I’m not sure what point you’re trying to make.

          Bombing the living fuck out of cities wasn’t considered a war crime or even a particularly egregious act at the time. It was a commonplace tactic on all sides during WWII, and in point of fact we were scrupulous in not applying a double standard; no Luftwaffe officer who was otherwise guiltless was stood up at Nuremberg and convicted for his actions during the Battle of Britain while we were pinning medals on bomber crews.

          This in no way undercuts, and, indeed, is only tangentially relevant, to my point that historically, one acts differently in conflicts based on the racial and ethnic attributes of the people involved, and that we would almost certainly be doing so in the War on Terror if it involved a different group of people than brown-skinned Muslims on the other side of the world.

          I concede the point that a lot of the people the brits were fighting against in the Malayan Emergency were ethnic chinese. I, again, don’t see how it undercuts my point.

          • Malaclypse says:

            Bombing the living fuck out of cities wasn’t considered a war crime or even a particularly egregious act at the time.

            I seem to recall a section in The Fog of War where McNamara says that if the US had lost, he expected to be convicted of war crimes over his conduct in the Asian air war.

      • John says:

        The Nazis certainly considered the Slavs to be an inferior race, but they didn’t consider them to be non-White, because, well, Slavs are obviously white (and, physically, pretty close to indistinguishable from Germanic peoples).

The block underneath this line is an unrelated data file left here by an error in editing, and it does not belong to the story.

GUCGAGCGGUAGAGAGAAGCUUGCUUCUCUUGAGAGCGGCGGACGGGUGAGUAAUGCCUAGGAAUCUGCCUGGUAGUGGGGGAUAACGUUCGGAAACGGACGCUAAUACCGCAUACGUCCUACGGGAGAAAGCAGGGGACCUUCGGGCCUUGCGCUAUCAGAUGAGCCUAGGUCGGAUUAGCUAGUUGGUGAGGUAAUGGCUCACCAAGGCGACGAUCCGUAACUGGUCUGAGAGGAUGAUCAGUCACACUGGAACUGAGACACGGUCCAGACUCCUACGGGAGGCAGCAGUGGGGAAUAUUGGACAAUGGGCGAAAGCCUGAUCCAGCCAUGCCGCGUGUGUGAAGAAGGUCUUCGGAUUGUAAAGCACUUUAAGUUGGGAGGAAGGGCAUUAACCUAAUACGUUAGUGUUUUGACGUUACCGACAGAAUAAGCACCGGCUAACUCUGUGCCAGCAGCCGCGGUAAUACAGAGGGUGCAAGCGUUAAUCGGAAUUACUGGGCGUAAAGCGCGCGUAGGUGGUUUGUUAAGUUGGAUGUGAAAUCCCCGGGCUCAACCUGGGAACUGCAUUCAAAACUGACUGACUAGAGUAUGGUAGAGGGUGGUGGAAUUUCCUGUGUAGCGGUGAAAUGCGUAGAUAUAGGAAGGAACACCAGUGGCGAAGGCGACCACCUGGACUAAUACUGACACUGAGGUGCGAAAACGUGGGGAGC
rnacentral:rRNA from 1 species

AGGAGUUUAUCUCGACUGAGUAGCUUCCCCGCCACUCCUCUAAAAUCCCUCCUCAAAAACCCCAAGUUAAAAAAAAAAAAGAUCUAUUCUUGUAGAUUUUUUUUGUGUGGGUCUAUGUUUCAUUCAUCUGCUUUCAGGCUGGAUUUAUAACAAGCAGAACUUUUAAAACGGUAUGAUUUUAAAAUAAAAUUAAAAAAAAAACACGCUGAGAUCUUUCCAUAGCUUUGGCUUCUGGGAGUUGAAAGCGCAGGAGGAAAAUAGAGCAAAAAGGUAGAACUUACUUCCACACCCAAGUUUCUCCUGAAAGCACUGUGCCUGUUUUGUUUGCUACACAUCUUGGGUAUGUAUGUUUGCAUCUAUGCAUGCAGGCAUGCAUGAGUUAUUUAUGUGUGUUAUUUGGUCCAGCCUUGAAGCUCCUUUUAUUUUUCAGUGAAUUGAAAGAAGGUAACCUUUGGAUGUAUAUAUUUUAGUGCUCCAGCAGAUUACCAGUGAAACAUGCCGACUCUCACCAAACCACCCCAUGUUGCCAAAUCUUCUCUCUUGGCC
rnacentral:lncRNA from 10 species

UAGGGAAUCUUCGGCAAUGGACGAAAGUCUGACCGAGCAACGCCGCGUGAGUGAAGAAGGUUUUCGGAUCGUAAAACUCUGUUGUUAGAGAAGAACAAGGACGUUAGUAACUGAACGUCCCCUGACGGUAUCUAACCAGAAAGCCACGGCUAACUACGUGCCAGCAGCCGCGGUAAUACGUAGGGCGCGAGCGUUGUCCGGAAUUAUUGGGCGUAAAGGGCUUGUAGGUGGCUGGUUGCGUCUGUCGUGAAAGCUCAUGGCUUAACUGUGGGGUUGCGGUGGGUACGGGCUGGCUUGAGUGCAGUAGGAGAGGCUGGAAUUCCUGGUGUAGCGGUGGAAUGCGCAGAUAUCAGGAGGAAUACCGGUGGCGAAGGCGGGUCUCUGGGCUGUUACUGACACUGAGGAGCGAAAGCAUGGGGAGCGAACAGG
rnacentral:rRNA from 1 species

If anything, what the Nazis on the Eastern Front demonstrates is that people are able to devise imaginary racial distinctions if it suits their politics. Note that black POWs on the western front (indisputably racially different from Germans) were treated much better than most Volga German POWs from the Red Army (even by Nazi standards considered to be the same race as the Germans).

        • Lyanna says:

          The Nazis certainly considered the Slavs to be an inferior race, but they didn’t consider them to be non-White, because, well, Slavs are obviously white (and, physically, pretty close to indistinguishable from Germanic peoples).

          Not obviously at all. Not back then. Today, they’re white, but the definition of whiteness generally excluded Slavs back then.

          • DrDick says: